Figuring out the details and winning support for such a law would require more economic, legal, and political expertise than I can muster.  Workers and some unions might resist, because they think (mistakenly) that speed-up and brute force are the only or the primary means of achieving productivity growth.  Capitalists and their managers are probably not going to like it much either! But advocating for a specific form of legally required productivity sharing could bring some key points into public view.

  • Workers collectively make a very large contribution to productivity growth, and thus should share in its benefits.  Though “investment in new technology” also makes a substantial contribution, it is not as large as the roles played by workers’ tacit skills and on-the-job ingenuity as well as their technical education and formal on-the-job training.  (See Chapters 2 & 3 of Barry Bluestone and Bennett Harrison, Growing Prosperity.)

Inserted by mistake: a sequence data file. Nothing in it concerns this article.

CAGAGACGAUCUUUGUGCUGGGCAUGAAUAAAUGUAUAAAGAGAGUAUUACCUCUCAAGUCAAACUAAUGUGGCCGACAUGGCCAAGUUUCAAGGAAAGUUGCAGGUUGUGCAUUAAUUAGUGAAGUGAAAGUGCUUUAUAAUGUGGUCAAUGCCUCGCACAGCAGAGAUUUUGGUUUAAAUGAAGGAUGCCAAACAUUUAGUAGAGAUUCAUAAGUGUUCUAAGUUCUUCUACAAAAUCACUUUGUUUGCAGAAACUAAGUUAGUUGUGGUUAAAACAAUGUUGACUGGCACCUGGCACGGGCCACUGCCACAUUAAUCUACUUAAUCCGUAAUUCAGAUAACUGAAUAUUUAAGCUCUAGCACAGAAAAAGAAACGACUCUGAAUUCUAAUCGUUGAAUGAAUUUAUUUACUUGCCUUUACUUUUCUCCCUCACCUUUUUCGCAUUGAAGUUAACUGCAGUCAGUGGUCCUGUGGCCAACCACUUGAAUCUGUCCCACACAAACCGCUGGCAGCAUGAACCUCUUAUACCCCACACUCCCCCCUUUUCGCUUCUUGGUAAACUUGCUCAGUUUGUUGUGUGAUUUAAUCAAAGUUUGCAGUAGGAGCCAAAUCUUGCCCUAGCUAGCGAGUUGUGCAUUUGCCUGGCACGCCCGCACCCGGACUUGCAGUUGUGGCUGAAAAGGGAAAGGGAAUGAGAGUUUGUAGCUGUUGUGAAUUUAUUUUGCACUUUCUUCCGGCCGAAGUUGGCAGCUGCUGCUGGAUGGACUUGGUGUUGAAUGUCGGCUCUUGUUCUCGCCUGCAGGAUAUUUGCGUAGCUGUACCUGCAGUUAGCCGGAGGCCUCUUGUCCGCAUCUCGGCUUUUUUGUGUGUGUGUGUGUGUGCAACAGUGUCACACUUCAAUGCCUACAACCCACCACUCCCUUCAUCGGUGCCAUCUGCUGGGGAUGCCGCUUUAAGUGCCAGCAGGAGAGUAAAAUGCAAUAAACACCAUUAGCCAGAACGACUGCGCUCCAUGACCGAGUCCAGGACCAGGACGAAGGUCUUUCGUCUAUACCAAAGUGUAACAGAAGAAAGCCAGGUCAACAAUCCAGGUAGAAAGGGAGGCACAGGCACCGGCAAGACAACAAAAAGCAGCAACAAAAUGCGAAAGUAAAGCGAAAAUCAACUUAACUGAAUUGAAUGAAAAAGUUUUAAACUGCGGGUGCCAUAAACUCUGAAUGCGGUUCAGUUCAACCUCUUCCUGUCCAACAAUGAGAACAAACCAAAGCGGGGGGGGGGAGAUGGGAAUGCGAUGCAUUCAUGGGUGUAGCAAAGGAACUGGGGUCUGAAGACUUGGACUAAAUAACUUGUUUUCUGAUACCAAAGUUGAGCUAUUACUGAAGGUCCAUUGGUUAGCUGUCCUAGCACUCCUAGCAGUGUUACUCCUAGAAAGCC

• If workers do not get their share of the new wealth created by productivity growth, someone else gets it. This, in turn, contributes to levels of income inequality that will eventually mean there is insufficient consumer demand to keep the economy growing.  A good case can be made that “eventually” has already arrived.
  • Workers’ councils, even very narrowly defined as merely negotiating how productivity is measured in a single workplace, would increase workplace democracy and likely increase workers’ appetites for more.
  • And, oh, did I mention that real wage increases based on productivity growth do not require increased prices or the elimination of growth in company profits?  As such, they may be the one best way to both create and share prosperity – and maybe even peace.

 

Jack Metzgar, Chicago Working-Class Studies

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10 responses to “Productivity Sharing: There Ought to Be a Law

  1. Pingback: The Value of Admitting that Raising the Minimum Wage Could Cost Jobs | Working-Class Perspectives

  2. Pingback: Chronicles of Inequality [TOO MUCH, 6 May 2013} » The Greanville Post —Vol. VII- 2013 | The Greanville Post —Vol. VII- 2013